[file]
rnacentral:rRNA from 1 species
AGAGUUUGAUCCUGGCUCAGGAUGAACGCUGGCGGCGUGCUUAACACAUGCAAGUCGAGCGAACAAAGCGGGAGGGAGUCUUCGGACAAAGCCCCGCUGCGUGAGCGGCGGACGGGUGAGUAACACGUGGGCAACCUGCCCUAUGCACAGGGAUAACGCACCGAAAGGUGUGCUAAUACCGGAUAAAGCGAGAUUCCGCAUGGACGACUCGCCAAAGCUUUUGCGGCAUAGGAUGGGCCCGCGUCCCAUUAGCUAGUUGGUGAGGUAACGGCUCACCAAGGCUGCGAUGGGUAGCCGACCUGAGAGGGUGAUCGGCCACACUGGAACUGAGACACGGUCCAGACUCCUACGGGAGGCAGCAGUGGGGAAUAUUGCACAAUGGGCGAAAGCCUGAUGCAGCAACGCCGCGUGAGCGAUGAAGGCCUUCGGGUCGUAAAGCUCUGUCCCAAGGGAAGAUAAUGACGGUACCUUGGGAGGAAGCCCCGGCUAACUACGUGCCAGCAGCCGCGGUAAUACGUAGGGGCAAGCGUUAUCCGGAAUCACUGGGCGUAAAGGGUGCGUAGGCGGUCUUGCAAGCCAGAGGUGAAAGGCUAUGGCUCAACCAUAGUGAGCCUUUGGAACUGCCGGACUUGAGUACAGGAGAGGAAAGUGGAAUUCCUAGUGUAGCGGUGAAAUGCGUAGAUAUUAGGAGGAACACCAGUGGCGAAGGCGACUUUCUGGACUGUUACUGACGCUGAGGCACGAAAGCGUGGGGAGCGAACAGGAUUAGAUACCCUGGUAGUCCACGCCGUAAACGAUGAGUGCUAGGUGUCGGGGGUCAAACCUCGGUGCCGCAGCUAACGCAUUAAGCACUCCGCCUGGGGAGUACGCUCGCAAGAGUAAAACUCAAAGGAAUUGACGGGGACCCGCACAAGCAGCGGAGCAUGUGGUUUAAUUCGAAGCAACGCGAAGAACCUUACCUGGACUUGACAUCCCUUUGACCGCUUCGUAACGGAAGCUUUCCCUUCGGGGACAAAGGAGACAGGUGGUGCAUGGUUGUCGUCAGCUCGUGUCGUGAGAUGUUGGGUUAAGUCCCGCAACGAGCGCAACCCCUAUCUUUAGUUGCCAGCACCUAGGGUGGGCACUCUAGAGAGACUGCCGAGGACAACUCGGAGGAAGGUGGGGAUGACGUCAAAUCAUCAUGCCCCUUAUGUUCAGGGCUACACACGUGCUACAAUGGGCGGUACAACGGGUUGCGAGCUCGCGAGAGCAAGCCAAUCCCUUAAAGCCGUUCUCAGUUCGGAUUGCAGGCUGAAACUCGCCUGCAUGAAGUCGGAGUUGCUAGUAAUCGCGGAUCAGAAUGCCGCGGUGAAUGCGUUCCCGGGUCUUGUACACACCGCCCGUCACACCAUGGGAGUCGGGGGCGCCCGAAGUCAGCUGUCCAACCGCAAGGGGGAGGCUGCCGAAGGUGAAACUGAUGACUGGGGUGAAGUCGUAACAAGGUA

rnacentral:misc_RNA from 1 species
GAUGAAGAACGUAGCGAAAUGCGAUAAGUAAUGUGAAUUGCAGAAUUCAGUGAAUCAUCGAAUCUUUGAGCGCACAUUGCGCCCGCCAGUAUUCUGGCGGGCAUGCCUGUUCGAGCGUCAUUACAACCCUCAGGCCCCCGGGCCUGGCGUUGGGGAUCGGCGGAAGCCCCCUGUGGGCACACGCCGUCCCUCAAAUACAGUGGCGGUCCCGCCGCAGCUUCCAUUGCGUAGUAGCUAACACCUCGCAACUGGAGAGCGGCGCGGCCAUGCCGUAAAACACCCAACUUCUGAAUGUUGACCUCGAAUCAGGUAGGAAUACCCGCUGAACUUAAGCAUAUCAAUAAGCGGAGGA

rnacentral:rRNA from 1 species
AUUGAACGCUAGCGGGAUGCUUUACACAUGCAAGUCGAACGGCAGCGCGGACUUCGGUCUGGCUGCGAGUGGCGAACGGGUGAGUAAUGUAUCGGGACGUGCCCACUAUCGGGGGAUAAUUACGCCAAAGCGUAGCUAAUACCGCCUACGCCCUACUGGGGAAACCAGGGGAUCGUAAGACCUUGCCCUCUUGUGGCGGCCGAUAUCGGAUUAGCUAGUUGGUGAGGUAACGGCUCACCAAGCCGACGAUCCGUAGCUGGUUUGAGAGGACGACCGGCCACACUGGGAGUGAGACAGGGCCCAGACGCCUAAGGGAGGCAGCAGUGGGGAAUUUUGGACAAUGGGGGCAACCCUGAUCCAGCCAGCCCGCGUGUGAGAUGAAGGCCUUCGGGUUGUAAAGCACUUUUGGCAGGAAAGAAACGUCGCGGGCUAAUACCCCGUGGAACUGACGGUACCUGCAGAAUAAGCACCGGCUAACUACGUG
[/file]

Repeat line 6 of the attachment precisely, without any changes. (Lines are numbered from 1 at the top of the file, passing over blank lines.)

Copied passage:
AUUGAACGCUAGCGGGAUGCUUUACACAUGCAAGUCGAACGGCAGCGCGGACUUCGGUCUGGCUGCGAGUGGCGAACGGGUGAGUAAUGUAUCGGGACGUGCCCACUAUCGGGGGAUAAUUACGCCAAAGCGUAGCUAAUACCGCCUACGCCCUACUGGGGAAACCAGGGGAUCGUAAGACCUUGCCCUCUUGUGGCGGCCGAUAUCGGAUUAGCUAGUUGGUGAGGUAACGGCUCACCAAGCCGACGAUCCGUAGCUGGUUUGAGAGGACGACCGGCCACACUGGGAGUGAGACAGGGCCCAGACGCCUAAGGGAGGCAGCAGUGGGGAAUUUUGGACAAUGGGGGCAACCCUGAUCCAGCCAGCCCGCGUGUGAGAUGAAGGCCUUCGGGUUGUAAAGCACUUUUGGCAGGAAAGAAACGUCGCGGGCUAAUACCCCGUGGAACUGACGGUACCUGCAGAAUAAGCACCGGCUAACUACGUG